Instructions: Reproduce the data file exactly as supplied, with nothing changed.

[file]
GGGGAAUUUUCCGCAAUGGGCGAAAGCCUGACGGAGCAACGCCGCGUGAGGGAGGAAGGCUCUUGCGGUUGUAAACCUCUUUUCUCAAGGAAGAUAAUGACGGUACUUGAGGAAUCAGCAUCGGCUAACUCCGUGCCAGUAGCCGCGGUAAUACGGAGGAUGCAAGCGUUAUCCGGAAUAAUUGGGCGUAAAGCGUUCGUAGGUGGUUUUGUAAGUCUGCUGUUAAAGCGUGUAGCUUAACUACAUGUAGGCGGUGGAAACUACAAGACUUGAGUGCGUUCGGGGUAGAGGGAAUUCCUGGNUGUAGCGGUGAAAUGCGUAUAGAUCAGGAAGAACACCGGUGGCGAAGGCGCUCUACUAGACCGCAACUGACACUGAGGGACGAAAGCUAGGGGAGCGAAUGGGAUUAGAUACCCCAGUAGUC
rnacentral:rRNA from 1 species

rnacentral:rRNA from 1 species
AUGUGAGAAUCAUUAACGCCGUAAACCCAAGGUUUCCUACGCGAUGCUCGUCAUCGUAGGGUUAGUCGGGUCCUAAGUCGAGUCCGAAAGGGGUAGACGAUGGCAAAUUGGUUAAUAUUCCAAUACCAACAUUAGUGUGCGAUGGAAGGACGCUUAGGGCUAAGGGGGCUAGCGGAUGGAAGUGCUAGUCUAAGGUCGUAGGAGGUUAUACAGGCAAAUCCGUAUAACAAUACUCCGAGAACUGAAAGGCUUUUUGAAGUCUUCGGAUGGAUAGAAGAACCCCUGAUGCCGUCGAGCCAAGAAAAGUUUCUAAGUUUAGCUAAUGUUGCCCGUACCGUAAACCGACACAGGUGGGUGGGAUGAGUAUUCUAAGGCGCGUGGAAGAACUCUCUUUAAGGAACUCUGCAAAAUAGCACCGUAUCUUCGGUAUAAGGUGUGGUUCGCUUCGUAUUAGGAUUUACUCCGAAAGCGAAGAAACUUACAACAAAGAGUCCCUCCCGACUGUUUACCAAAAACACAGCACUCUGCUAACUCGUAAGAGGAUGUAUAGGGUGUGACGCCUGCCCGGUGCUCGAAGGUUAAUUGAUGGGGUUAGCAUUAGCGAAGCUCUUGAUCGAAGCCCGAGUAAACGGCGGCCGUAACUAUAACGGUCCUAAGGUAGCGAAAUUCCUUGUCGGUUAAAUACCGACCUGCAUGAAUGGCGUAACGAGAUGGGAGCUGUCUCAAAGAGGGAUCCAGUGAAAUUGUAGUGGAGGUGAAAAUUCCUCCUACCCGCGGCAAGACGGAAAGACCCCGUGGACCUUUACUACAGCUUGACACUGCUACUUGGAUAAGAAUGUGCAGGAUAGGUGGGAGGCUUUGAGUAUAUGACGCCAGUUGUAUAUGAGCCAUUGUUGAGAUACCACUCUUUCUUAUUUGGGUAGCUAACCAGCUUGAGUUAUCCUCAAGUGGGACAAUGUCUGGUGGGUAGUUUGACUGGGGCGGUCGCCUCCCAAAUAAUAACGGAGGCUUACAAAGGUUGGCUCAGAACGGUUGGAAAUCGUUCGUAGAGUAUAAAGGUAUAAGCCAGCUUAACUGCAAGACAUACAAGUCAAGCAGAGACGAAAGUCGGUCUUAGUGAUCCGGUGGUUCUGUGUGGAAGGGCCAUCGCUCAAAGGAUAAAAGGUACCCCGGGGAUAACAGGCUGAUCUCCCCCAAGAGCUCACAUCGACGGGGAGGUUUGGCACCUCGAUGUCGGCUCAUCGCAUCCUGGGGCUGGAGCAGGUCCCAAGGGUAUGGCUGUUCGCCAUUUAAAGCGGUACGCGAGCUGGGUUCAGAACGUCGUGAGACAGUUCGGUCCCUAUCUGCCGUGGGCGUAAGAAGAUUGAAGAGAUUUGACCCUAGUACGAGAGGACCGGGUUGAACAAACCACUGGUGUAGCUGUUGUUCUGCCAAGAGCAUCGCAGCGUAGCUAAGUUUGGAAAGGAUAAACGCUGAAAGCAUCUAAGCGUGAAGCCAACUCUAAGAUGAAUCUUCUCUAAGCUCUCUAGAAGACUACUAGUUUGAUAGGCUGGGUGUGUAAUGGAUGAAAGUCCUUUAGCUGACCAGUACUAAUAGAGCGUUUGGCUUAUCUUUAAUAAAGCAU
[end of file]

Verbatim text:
GGGGAAUUUUCCGCAAUGGGCGAAAGCCUGACGGAGCAACGCCGCGUGAGGGAGGAAGGCUCUUGCGGUUGUAAACCUCUUUUCUCAAGGAAGAUAAUGACGGUACUUGAGGAAUCAGCAUCGGCUAACUCCGUGCCAGUAGCCGCGGUAAUACGGAGGAUGCAAGCGUUAUCCGGAAUAAUUGGGCGUAAAGCGUUCGUAGGUGGUUUUGUAAGUCUGCUGUUAAAGCGUGUAGCUUAACUACAUGUAGGCGGUGGAAACUACAAGACUUGAGUGCGUUCGGGGUAGAGGGAAUUCCUGGNUGUAGCGGUGAAAUGCGUAUAGAUCAGGAAGAACACCGGUGGCGAAGGCGCUCUACUAGACCGCAACUGACACUGAGGGACGAAAGCUAGGGGAGCGAAUGGGAUUAGAUACCCCAGUAGUC
rnacentral:rRNA from 1 species

rnacentral:rRNA from 1 species
AUGUGAGAAUCAUUAACGCCGUAAACCCAAGGUUUCCUACGCGAUGCUCGUCAUCGUAGGGUUAGUCGGGUCCUAAGUCGAGUCCGAAAGGGGUAGACGAUGGCAAAUUGGUUAAUAUUCCAAUACCAACAUUAGUGUGCGAUGGAAGGACGCUUAGGGCUAAGGGGGCUAGCGGAUGGAAGUGCUAGUCUAAGGUCGUAGGAGGUUAUACAGGCAAAUCCGUAUAACAAUACUCCGAGAACUGAAAGGCUUUUUGAAGUCUUCGGAUGGAUAGAAGAACCCCUGAUGCCGUCGAGCCAAGAAAAGUUUCUAAGUUUAGCUAAUGUUGCCCGUACCGUAAACCGACACAGGUGGGUGGGAUGAGUAUUCUAAGGCGCGUGGAAGAACUCUCUUUAAGGAACUCUGCAAAAUAGCACCGUAUCUUCGGUAUAAGGUGUGGUUCGCUUCGUAUUAGGAUUUACUCCGAAAGCGAAGAAACUUACAACAAAGAGUCCCUCCCGACUGUUUACCAAAAACACAGCACUCUGCUAACUCGUAAGAGGAUGUAUAGGGUGUGACGCCUGCCCGGUGCUCGAAGGUUAAUUGAUGGGGUUAGCAUUAGCGAAGCUCUUGAUCGAAGCCCGAGUAAACGGCGGCCGUAACUAUAACGGUCCUAAGGUAGCGAAAUUCCUUGUCGGUUAAAUACCGACCUGCAUGAAUGGCGUAACGAGAUGGGAGCUGUCUCAAAGAGGGAUCCAGUGAAAUUGUAGUGGAGGUGAAAAUUCCUCCUACCCGCGGCAAGACGGAAAGACCCCGUGGACCUUUACUACAGCUUGACACUGCUACUUGGAUAAGAAUGUGCAGGAUAGGUGGGAGGCUUUGAGUAUAUGACGCCAGUUGUAUAUGAGCCAUUGUUGAGAUACCACUCUUUCUUAUUUGGGUAGCUAACCAGCUUGAGUUAUCCUCAAGUGGGACAAUGUCUGGUGGGUAGUUUGACUGGGGCGGUCGCCUCCCAAAUAAUAACGGAGGCUUACAAAGGUUGGCUCAGAACGGUUGGAAAUCGUUCGUAGAGUAUAAAGGUAUAAGCCAGCUUAACUGCAAGACAUACAAGUCAAGCAGAGACGAAAGUCGGUCUUAGUGAUCCGGUGGUUCUGUGUGGAAGGGCCAUCGCUCAAAGGAUAAAAGGUACCCCGGGGAUAACAGGCUGAUCUCCCCCAAGAGCUCACAUCGACGGGGAGGUUUGGCACCUCGAUGUCGGCUCAUCGCAUCCUGGGGCUGGAGCAGGUCCCAAGGGUAUGGCUGUUCGCCAUUUAAAGCGGUACGCGAGCUGGGUUCAGAACGUCGUGAGACAGUUCGGUCCCUAUCUGCCGUGGGCGUAAGAAGAUUGAAGAGAUUUGACCCUAGUACGAGAGGACCGGGUUGAACAAACCACUGGUGUAGCUGUUGUUCUGCCAAGAGCAUCGCAGCGUAGCUAAGUUUGGAAAGGAUAAACGCUGAAAGCAUCUAAGCGUGAAGCCAACUCUAAGAUGAAUCUUCUCUAAGCUCUCUAGAAGACUACUAGUUUGAUAGGCUGGGUGUGUAAUGGAUGAAAGUCCUUUAGCUGACCAGUACUAAUAGAGCGUUUGGCUUAUCUUUAAUAAAGCAU